When the opening credit sequence of The Art Of Listening started, I was taken aback by how many people were featured in the documentary. At least five million. Okay, that might be a slight exaggeration, but it was a lot given the documentary clocks in at 74 minutes. It also makes perfect sense because when you're talking about music, there's an endless pool of people to hear from: musicians, engineers, producers, composers, songwriters, craftsman… Or we could simply say "artists."
The Art of Listening doesn't aim to answer any big questions or cram information down your throat. Instead it takes you on an inspiring and passionate journey by way of stories from those aforementioned "five million" (give or take) artists and it is literally impossible not to get swept up in the magic of it all. (If you don't, you're probably dead inside—just saying.)
It opens on an intimate acoustic set in a Nashville bar where someone talks about how listeners want to emotionally and personally connect; we watch Kaki King play incredibly on a guitar and say that "it's not your job to master or control a guitar, but discover what it can do;" next up, electronic musicians take us through their various inspirations in finding and testing sounds; we watch guitars get lovingly built; we tour famed music studios; we see Hans Zimmer dressed in a velveteen jacket sitting on a velveteen chair (AKA heaven)...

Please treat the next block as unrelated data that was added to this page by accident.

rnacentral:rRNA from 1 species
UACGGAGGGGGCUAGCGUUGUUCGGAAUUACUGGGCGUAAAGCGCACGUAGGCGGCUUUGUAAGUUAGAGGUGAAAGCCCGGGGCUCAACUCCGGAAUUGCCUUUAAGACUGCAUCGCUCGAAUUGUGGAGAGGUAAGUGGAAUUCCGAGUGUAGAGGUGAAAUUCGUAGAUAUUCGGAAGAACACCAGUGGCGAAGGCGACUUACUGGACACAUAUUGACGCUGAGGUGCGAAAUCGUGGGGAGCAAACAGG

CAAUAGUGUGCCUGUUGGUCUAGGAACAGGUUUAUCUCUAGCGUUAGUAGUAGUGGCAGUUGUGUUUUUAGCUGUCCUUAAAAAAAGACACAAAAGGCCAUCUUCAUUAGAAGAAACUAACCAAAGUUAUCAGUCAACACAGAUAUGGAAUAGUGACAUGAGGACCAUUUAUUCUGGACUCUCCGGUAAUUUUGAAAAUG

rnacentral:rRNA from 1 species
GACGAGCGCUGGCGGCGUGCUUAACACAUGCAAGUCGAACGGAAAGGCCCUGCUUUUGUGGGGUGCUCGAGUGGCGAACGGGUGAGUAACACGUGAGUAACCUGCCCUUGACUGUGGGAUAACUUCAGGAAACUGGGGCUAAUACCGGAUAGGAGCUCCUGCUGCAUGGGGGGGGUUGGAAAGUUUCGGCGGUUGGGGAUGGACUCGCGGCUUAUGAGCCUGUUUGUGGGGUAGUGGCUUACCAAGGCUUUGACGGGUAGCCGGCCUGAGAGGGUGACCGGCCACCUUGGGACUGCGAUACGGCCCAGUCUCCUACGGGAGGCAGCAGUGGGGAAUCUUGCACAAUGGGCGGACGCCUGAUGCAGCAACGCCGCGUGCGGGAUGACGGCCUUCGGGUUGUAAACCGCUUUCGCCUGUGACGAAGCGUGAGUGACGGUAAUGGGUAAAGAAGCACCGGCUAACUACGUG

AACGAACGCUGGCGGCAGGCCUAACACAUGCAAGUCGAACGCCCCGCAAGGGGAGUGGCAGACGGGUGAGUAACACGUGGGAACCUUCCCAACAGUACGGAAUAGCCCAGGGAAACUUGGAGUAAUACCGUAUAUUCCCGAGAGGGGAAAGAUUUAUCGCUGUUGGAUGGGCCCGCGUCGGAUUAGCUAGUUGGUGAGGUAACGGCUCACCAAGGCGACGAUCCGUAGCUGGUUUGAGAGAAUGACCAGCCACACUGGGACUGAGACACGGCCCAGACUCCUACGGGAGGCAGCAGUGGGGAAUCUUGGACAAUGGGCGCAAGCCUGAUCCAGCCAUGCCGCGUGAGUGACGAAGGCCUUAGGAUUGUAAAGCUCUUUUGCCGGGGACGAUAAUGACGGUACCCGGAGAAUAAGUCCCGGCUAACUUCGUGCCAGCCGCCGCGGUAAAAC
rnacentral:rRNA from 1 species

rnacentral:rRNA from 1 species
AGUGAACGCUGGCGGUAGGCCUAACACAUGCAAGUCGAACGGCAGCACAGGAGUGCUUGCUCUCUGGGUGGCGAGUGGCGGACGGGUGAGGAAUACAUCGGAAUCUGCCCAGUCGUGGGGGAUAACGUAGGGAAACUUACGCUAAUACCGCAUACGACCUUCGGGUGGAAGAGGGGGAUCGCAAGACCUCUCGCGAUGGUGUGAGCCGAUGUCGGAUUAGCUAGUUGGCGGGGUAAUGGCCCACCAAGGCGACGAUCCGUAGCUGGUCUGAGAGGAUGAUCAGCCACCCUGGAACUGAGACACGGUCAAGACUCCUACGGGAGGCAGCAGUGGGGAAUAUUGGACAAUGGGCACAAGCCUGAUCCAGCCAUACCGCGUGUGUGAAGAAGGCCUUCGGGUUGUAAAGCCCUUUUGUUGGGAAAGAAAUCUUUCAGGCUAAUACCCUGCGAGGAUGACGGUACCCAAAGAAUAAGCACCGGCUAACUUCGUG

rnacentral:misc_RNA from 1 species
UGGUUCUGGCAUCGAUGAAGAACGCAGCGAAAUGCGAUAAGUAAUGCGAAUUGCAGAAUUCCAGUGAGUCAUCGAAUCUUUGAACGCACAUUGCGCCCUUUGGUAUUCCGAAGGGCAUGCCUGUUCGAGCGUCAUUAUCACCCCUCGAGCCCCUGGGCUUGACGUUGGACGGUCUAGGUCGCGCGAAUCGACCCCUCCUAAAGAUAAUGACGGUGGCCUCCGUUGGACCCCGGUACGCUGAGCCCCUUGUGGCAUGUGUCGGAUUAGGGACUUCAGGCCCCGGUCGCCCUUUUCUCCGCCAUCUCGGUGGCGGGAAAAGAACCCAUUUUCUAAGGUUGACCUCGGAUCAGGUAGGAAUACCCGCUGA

It reads like a jumbled mess, yes, but on screen it flows and ebbs perfectly, each story seamlessly giving way to the next. This is in part to sublime cinematography and editing and a beautiful score (I mean, a documentary about music should have a beautiful score, right) bringing everything together.
The documentary is also full of personal little insights just begging to be put onto motivational posters: "Without a great song, why build a violin." "It's about serving a song." "You need to listen to yourself and find your own tone." "Challenge your process." "Look at how technology can serve you."
That last quote (from Steve Vai) was a sentiment that echoed from a documentary. The Art of Listening showed great respect for all kinds of musicians and artists (and showed it by jumping from an electronic musician to a trumpet player in an orchestra) and the subjects had the same respect. Bottom line is: it doesn't matter what you're playing, as long as you are doing it with passion.
That passion came into particular focus at the end of the documentary, which juxtaposed the amount of care and obsession these artists put into their work only to have it played at some super low quality through shit headphones by commuters on a noisy train. To brush that off as music snobbery is truly a disservice to the art of music. If anything, I hope this documentary would inspire you to take some time to just listen to some music—not whilst commuting or making dinner or working. Now, if you'll excuse me, I need to go buy some better headphones.